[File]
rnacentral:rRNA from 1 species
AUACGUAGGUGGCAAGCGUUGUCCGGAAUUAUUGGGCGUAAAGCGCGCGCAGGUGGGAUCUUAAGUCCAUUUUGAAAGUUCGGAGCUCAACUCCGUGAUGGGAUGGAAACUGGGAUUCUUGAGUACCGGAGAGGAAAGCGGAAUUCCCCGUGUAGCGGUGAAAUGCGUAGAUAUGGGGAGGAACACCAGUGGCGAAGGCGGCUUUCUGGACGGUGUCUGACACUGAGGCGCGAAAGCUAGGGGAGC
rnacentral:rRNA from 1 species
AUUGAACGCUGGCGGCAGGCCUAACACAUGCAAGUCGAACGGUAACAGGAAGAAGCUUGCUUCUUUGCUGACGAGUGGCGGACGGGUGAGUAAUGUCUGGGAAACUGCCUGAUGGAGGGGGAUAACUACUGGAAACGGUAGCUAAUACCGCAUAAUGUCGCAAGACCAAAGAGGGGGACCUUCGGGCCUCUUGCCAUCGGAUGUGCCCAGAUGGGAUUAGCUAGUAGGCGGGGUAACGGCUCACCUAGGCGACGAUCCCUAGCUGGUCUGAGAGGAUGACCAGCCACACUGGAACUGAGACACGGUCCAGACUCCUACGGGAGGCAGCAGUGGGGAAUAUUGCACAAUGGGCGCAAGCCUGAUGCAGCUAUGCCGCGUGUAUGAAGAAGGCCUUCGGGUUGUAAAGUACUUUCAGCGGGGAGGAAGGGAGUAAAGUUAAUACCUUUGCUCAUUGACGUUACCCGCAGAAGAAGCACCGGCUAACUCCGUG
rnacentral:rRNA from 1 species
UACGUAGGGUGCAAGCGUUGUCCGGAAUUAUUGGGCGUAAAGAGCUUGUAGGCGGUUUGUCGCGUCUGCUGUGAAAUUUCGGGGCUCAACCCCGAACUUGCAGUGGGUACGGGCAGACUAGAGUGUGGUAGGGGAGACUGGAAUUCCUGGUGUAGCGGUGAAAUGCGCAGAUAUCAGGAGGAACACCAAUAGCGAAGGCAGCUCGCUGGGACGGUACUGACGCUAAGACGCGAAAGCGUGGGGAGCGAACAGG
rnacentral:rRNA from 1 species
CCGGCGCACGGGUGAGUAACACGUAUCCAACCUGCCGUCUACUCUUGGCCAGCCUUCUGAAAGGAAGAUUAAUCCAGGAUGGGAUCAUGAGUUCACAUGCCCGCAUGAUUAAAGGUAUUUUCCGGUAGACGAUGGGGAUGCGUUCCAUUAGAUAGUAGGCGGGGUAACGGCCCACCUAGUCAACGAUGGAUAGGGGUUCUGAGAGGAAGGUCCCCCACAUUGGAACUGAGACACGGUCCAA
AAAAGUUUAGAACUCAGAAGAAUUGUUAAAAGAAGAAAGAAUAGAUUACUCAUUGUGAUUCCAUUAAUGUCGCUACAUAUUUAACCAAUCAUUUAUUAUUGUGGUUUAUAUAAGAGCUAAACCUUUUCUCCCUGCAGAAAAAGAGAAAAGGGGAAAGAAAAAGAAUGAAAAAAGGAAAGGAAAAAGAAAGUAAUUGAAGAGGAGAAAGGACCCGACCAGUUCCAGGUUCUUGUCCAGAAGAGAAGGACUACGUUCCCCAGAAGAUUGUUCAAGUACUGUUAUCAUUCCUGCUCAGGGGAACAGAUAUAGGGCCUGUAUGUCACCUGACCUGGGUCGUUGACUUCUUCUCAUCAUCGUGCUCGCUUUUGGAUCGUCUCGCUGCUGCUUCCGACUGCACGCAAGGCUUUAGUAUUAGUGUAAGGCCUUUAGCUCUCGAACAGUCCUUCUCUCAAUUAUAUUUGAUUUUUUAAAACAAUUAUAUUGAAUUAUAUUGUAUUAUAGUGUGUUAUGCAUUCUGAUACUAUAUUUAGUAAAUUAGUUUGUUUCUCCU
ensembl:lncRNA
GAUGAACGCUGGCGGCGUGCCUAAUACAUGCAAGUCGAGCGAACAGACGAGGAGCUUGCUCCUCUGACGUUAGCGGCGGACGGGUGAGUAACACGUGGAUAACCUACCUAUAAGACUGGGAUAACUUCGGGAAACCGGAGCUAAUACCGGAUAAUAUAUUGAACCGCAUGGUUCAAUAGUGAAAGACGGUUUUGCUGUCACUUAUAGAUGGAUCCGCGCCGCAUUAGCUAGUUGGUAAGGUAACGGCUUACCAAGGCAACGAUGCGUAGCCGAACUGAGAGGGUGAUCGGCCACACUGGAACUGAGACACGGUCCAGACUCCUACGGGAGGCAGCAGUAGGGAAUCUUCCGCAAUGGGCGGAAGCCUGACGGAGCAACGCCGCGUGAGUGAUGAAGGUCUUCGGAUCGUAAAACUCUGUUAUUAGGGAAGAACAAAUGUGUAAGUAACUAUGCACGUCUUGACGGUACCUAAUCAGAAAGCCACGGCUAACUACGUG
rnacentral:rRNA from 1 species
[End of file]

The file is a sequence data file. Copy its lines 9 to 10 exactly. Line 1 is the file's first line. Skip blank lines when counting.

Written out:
AAAAGUUUAGAACUCAGAAGAAUUGUUAAAAGAAGAAAGAAUAGAUUACUCAUUGUGAUUCCAUUAAUGUCGCUACAUAUUUAACCAAUCAUUUAUUAUUGUGGUUUAUAUAAGAGCUAAACCUUUUCUCCCUGCAGAAAAAGAGAAAAGGGGAAAGAAAAAGAAUGAAAAAAGGAAAGGAAAAAGAAAGUAAUUGAAGAGGAGAAAGGACCCGACCAGUUCCAGGUUCUUGUCCAGAAGAGAAGGACUACGUUCCCCAGAAGAUUGUUCAAGUACUGUUAUCAUUCCUGCUCAGGGGAACAGAUAUAGGGCCUGUAUGUCACCUGACCUGGGUCGUUGACUUCUUCUCAUCAUCGUGCUCGCUUUUGGAUCGUCUCGCUGCUGCUUCCGACUGCACGCAAGGCUUUAGUAUUAGUGUAAGGCCUUUAGCUCUCGAACAGUCCUUCUCUCAAUUAUAUUUGAUUUUUUAAAACAAUUAUAUUGAAUUAUAUUGUAUUAUAGUGUGUUAUGCAUUCUGAUACUAUAUUUAGUAAAUUAGUUUGUUUCUCCU
ensembl:lncRNA